As telecom operators prepare their bids for the next round of spectrum auctions, keenly watched is the 700 MHz band, being put on the block for the first time and seen as the most efficient airwave range. But will the high base price prove a dampener?
Globally 700 MHz band is a much sought after band because of its better efficiency in terms of coverage — both indoor and outdoor, said Rishi Tejpal, Principal Analyst for Telecom Business Strategy at Gartner.
This band is being considered by many operators worldwide for 4G or long term evolution (LTE) deployment because of its better propagation characteristics. Majorly, 700 MHz band can be used for rural coverage in a cost efficient way, Tejpal told IANS.
Mahesh Uppal, Director of telecom consultancy firm Com First, concurred.
This spectrum range is more efficient than all others currently deployed by telecom operators. The 700 MHz signal travels much longer distances. This means a fewer towers are required than when operators use, say, 1800 MHz of 2300 MHz, Uppal said.
Even the Telecom Regulatory Authority of India has a similar view regarding the 700 MHz band — more precisely from, 698 MHz to 806 MHz. It says this is the preferred band for LTE in markets like Asia-Pacific, Middle East, Europe and Americas.
Spectrum in 700 MHz band is vital for proliferation of broadband in India. Due to its adoption by a large number of countries, harmonisation can be achieved, resulting in lower price of devices due to economies of scale and quick penetration of services, it said.
But what has brought concern for the players is the perceived high reserve price for the band. In the Delhi circle, for example, the regulator has suggested Rs 1,595 crore per MHz, which most of the industry stakeholders consider to be steep. For pan-India, it is Rs 11,485 per MHz.
Uppal told IANS that the 700 MHz band will be predominantly used for 4G (LTE) services which will support broadband data, as well as Internet Protocol telephony such as voice over LTE network — measures that can bring major cost benefits to customers.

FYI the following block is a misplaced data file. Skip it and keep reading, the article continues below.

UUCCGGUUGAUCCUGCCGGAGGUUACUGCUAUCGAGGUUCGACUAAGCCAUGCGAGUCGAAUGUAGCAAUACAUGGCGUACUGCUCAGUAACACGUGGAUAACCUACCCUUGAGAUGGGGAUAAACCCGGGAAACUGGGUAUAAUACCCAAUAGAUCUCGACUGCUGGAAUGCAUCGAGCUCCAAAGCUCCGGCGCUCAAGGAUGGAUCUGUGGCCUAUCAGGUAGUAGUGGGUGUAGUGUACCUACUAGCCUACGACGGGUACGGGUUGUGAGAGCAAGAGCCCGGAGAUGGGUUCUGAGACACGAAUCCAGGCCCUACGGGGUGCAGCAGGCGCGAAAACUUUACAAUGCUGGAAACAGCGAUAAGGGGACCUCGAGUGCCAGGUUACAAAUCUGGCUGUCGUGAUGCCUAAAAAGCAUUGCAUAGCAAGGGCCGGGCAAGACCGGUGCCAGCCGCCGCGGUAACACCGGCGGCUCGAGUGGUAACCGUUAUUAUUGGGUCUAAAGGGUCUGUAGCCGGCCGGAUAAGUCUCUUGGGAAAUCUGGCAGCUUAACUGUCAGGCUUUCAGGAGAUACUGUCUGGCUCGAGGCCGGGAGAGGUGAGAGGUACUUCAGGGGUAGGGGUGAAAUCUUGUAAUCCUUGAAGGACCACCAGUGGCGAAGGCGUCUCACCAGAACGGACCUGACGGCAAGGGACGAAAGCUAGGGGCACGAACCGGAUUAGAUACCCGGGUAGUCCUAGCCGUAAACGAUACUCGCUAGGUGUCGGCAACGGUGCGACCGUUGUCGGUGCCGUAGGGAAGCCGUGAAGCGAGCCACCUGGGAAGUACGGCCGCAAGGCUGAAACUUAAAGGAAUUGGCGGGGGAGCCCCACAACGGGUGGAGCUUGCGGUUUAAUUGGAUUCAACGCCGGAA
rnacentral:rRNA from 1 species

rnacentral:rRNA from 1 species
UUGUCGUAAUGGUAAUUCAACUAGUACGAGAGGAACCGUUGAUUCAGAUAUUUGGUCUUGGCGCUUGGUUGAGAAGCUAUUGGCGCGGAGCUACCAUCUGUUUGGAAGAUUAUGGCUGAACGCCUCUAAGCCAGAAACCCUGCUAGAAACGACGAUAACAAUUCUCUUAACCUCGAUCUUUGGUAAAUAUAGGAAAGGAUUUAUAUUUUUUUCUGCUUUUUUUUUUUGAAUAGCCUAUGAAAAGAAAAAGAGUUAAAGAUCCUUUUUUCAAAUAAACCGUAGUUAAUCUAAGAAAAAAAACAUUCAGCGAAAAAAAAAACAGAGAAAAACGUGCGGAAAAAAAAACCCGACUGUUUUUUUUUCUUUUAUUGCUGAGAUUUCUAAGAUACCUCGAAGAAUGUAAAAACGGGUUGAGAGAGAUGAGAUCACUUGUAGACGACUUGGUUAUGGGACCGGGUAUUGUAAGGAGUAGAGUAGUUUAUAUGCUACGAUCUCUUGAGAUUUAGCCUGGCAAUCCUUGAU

It is for this reason why several big telecom operators, notably Reliance Jio, whose services are due for commercial launch any time, and Bharti Airtel are eyeing this band. In fact, a recent HSBC Global Research report said the 700 MHz will prove to be decisive in the upcoming auction.
Around 70 per cent of the planned receipts from auctions are driven by take up in the 700 MHz spectrum band. But except for the 4G entrants, none of the existing incumbents have the balance sheets to bid for pan-India 700 MHz spectrum at current prices, in our view, the report said.
The overall base price of $83 billion for auctions is 2.8 times the industry’s present revenue.
If 4G entrants end up buying pan-India 700 MHz in the auction, we believe it will ultimately rule out the possibility of any downward revision of 700 Mz pricing and limit the options for incumbents to have access to any sub 1 Ghz data spectrum in the near to medium term, HSBC said.
It said 700 MHz spectrum in high subscriber density and large coverage markets like Bihar, Uttar Pradesh, Rajasthan and West Bengal is cheaper than 900 MHz and incumbent telecom companies have the option to add 700 MHz spectrum selectively.
In other words, adding 700 MHz at current prices may not help 4G entrants to limit competition in the data market. Further ecosystem for 700 MHz band from an Indian context could be at least 3-4 years away. To sum up we see limited, selective demand for spectrum in 700 MHz band.
But will there be enough buyers in the upcoming auction? The HSBC report says otherwise.
Proceeds from spectrum auction are likely to top no more than $12 billion, falling way short of the government’s target, as few companies have the money to justify the costs involved with varying demand for bands on offer.
The government plans to raise $83 billion from the spectrum auctions, implying 2.8 times the present revenues from a sector with an average net/debt earnings before interest, taxes, and amortisation ratio of 4 times, the report said.
Our initial analysis suggests that total proceeds from spectrum auctions are unlikely to exceed $10-12 billion and we believe a lot of spectrum might remain unsold in 700, 2,300, 2,500 MHz bands. We see good demand for 1,800 MHz, selective demand for 2,100 and 700 MHz, it added.
Crisil Market Research had a similar take — and explained the dilemma which operators face. It expected no more than 10 percent of the spectrum on offer in 700 MHz band being sold. Even if a player wanted to conquer the market, it did not expect more than 15-20 percent uptake at best.
Better efficiency resulting in lower capex, global commonality supporting ecosystem development, and sustaining the quality of service to counter Reliance Jio’s 800 MHz are the key reasons that make 700 MHz so important for incumbents, it said.
But as the 4G subscriber base swells, the need for 700 MHz spectrum will pinch incumbents.